The DRD presented Judicial Camera footage from Car #33 which showed contact with the rear of Car #5 at the apex of Turn 4 continuing to the exit of Turn 4 where both Cars were on the outside of the exit kerb beyond track limits and further contact with the rear of Car #5 on the entry to and through Turn 5 as a result of which Car #5 was pushed wide off the Race Track and Car #33 then passed Car #5 gaining a position. 

The DRD called the DSA, Craig Baird, who spoke to the Judicial Camera footage and emphasised that the throttle indicator on Car #33 demonstrated that the Driver of Car #33 continued to have significant throttle applied after initial contact with Car #5 at Turn 4 and continuing through to the exit of Turn 4 and, again, after the initial contact with Car #5 at the entry of Turn 5 until Car #5 was pushed outside track limits. 

The DSA explained that the degree of continued significant throttle application by the Driver of Car #33 after each contact with the rear of Car #5 was not consistent with what might be expected of a Driver in the circumstances and that he would have expected the Driver of Car #33 to have lifted to avoid creating risk to the Driver of Car #5. 

The DSA pointed to the attitude of the rear of Car #5 throughout each contact, with the rear of Car #5 lifted by continuing force from the front of Car #33 as a result of which the Driver of Car #5 did not have full control of his Car. 

The DRD tendered a Supercars Media article published on the evening of 16 March 2019 following Race 5 in which the Driver of Car #33 was quoted as having said, following a post-Race altercation with the Driver of Car #5: 

“He [the Driver of Car #5] dive-bombed me from about three of four car-lengths back on the first lap and ran me off the track at Turn 13 and bent my steering… 

“Then when I got near him later on in the race, obviously wasn’t too kind to him, but if he wants to race clean then that stuff won’t happen.” 

Respondent Evidence 

The Driver of Car #33 explained that he never intended to create any risk to the Driver of Car #5 and that his intention was only to regain the place that he had lost on Lap 1 when Car #5 had overtaken him at Turn 13 with minor contact which was subsequently investigated by the DRD who determined that Car #5 had not committed any breach of the Rules.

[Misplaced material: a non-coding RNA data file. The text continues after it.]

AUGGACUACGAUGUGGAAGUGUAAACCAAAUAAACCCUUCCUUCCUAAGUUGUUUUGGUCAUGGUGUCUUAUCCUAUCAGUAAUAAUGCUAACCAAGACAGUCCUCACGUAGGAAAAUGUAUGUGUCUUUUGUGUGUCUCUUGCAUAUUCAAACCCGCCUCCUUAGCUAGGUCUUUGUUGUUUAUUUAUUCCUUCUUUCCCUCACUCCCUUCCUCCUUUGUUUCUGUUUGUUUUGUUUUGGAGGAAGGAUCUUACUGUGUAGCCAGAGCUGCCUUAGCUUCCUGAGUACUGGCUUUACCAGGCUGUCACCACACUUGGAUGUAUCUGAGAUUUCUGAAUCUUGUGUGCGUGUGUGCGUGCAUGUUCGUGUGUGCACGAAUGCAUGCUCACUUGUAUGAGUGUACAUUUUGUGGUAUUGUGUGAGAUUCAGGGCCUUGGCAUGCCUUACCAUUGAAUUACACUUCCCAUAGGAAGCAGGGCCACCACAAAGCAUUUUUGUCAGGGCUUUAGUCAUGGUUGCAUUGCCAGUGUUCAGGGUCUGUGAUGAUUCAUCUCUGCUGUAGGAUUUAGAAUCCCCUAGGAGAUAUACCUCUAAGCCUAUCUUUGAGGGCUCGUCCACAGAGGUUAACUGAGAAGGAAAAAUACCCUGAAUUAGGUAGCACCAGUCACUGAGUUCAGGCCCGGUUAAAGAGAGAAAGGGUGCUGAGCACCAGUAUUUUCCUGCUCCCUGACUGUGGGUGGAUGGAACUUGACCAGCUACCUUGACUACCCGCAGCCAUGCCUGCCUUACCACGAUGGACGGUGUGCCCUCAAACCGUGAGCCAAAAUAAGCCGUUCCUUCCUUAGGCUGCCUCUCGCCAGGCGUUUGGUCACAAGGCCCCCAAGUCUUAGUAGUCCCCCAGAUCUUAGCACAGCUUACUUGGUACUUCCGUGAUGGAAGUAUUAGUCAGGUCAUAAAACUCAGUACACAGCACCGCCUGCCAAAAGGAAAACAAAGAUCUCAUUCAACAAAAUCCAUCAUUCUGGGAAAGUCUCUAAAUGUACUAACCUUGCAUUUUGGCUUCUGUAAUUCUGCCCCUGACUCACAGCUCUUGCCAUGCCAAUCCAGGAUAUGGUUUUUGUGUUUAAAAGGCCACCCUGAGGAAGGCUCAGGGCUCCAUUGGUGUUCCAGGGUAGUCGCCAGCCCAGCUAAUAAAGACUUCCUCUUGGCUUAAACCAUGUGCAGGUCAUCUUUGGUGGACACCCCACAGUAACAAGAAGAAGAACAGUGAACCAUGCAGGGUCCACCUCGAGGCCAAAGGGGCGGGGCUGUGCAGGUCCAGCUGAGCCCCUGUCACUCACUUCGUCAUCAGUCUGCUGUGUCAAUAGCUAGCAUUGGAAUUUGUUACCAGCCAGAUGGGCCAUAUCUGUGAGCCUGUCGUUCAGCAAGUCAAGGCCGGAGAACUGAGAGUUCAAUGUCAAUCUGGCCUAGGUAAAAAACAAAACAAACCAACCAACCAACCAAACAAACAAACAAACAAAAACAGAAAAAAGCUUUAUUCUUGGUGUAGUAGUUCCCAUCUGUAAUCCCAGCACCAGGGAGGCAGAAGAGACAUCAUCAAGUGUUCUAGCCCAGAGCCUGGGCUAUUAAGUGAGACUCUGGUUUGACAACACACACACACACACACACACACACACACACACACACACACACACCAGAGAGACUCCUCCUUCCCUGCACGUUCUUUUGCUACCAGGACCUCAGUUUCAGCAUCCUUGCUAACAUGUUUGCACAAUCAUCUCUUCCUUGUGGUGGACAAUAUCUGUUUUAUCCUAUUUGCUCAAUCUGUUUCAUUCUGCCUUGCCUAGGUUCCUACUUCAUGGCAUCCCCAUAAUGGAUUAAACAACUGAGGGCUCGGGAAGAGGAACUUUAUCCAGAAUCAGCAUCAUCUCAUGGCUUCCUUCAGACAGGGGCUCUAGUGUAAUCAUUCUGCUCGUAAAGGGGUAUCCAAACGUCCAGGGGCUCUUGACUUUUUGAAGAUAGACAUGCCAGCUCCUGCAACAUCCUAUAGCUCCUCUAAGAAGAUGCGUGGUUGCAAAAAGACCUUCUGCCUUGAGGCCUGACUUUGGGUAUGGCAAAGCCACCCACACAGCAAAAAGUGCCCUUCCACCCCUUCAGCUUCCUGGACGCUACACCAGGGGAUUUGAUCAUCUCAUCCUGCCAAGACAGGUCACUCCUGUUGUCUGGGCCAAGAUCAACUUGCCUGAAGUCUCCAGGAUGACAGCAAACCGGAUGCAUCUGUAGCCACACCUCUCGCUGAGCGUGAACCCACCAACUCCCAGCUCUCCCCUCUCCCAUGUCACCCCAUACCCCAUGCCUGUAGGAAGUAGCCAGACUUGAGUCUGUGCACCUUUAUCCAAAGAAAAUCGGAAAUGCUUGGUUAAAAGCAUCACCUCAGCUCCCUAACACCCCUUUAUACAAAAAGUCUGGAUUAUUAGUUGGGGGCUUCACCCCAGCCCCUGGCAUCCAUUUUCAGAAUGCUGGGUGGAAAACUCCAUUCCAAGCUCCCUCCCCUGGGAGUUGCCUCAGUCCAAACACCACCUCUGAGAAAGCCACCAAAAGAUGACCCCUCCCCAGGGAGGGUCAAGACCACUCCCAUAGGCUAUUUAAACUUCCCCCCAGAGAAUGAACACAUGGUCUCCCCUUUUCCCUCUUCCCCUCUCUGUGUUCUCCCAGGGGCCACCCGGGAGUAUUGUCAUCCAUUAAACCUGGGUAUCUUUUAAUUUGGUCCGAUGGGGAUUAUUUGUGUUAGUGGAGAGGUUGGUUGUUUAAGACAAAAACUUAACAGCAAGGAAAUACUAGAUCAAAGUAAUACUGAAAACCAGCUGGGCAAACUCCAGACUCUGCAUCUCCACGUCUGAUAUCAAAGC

The Driver of Car #5 agreed with the DSA’s observations summarised above. The Driver of Car #5 told the Stewards that he apprehended at the time of the Incident that he was being put at serious risk. 

The Driver of Car #33 admitted that he had made the statements quoted in the Supercars Media article tendered by the DRD. He admitted that his subsequent contact with Car #5 on Lap 3 at Turns 4 and 5 was intentional in that he intended to regain the position he had lost on Lap 1 but denied that he intended to “turn Car #5 around”.

The Hearing was adjourned at 0940hrs for the Stewards to deliberate. 

Decision 

We find the charge has been proved. 

We find that the Driver of Car #33 did engage in intentional and improper action which created serious risk to others, not just the Driver of Car #5 but potentially other Cars in the Race had Car #5 been spun as a result of the contact. 

We find that, even if the initial contact with the rear of Car #5 at the entry to Turn 4 was not intentional, the continued push of Car #5 wide through the exit of Turn 4 and the subsequent contact at and through Turn 5 was intentional in that it was deliberate with indifference to the consequences for Car #5. 

We accept that the Driver of Car #33 did not at any time intend to cause harm to the Driver of Car #5 but that was not alleged – the allegation was that the Driver of Car #33 engaged in intentional conduct (the continued contact with Car #5 with continuing significant throttle application knowing that to have done so was wrong) which created a serious risk to the Driver of Car #5. 

Penalty 

The DRD submitted that the appropriate Penalty for this offence is disqualification of Car #33 from Race 5, relegation of Car #33 to start Race 6 from the Pit Lane and a Fine of $10,000. 

We note that a Penalty in those terms was imposed for the last breach of Article 2.1.3 of Schedule B2. 

The Authorised Representative and Driver of Car #33 chose not to make any submissions on Penalty but repeated that the Driver of Car #33 did not intend to cause any harm to the Driver of Car #5 (which we accept).